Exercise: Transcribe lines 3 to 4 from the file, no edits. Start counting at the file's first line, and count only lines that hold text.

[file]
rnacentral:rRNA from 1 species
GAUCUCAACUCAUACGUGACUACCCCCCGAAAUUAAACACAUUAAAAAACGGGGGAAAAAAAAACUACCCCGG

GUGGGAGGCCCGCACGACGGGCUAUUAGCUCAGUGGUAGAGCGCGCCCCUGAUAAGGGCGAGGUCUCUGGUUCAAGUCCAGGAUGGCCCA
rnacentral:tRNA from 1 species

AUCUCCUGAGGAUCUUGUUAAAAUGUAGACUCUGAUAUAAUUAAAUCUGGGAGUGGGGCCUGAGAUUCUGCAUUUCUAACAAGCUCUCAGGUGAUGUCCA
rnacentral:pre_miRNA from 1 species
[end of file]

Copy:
GUGGGAGGCCCGCACGACGGGCUAUUAGCUCAGUGGUAGAGCGCGCCCCUGAUAAGGGCGAGGUCUCUGGUUCAAGUCCAGGAUGGCCCA
rnacentral:tRNA from 1 species